Smoke away, enjoy your life. It’s a gamble. But could you really imagine making a BBQ with a cigarette hanging from your mouth? Or whilst waiting at the departure gate at a busy airport having a crafty tab in the disabled toilets?

    My Great grandfather died at the age of 96, smoked 40 a day. I know this is not typical but there you go.

    Because someone smokes should not suggest their addicted, using similar logic , someone enjoying a few beers are they a full blown alcoholic? No. As for the individuals posting these questions..on the internet, don't bother ask friends and family or make your own judgment. The majority of posts on this page are nothing short of pathetic. As addictive as heroin? What's that about? I find i can give up cigarettes for long periods without any 'withdrawal' symptoms at all.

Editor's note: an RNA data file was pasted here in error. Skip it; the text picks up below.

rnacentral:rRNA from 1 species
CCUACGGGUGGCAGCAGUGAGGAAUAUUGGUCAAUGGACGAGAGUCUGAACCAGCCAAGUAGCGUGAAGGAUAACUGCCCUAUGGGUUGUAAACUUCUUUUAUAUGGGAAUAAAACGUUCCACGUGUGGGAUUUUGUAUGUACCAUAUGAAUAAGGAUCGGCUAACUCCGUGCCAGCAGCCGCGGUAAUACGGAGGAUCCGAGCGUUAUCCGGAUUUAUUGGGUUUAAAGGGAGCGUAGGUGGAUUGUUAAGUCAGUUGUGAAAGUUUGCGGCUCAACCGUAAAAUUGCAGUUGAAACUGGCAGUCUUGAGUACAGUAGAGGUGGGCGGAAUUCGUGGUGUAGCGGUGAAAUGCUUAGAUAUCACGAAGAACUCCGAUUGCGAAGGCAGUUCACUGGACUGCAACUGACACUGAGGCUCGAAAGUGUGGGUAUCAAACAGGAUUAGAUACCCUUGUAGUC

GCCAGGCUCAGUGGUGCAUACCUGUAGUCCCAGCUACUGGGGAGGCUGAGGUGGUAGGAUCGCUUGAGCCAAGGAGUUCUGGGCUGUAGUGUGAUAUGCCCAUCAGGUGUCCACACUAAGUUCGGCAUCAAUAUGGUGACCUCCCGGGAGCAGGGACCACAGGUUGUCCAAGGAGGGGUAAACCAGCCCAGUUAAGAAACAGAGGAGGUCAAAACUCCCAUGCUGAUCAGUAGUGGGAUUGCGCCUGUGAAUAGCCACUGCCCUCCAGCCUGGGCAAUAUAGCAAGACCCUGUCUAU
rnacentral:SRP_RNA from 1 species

October 24, 2009 at 08:04 | Report abuse | Reply
  19. vertiwal

    Okay, some of the things these people are saying sound a little extreme. I'm not a fan of extremes on anything – I agree that we should keep it out of the hands of kids and such, but banning it? Fast food and the like can harm you quite a lot too, but it's a matter of choice. I'm sure McDonalds gets into people's heads – kids, too – and many would be better off health-wise if it was banned. But people should have the choice.

    On the other hand, yasmin, I can't agree with a lot of what you're saying either. Particularly comments about things like wages. That's unnecessary, and I'm sure smoking is just as prevalent among low-wage folks (and wouldn't it seem LESS likely they'd be on the internet if they didn't have money?). And your comment about becoming a full-time smoker again so you don't become boring and preachy... Talk about sounding pathetic. Not only that, but you already sound like you're preaching about the opposite side, telling people they should smoke. You really think that's something you should try to make a case for? Yeah, your grandfather was fine, but mine has emphysema and can't walk further than thirty feet in one go. He's only in his sixties, but his capacity to just "enjoy life" as you suggest is pretty well shot. I hope you're not going to tell me that it was caused by something besides smoking, that smoking doesn't harm your lungs.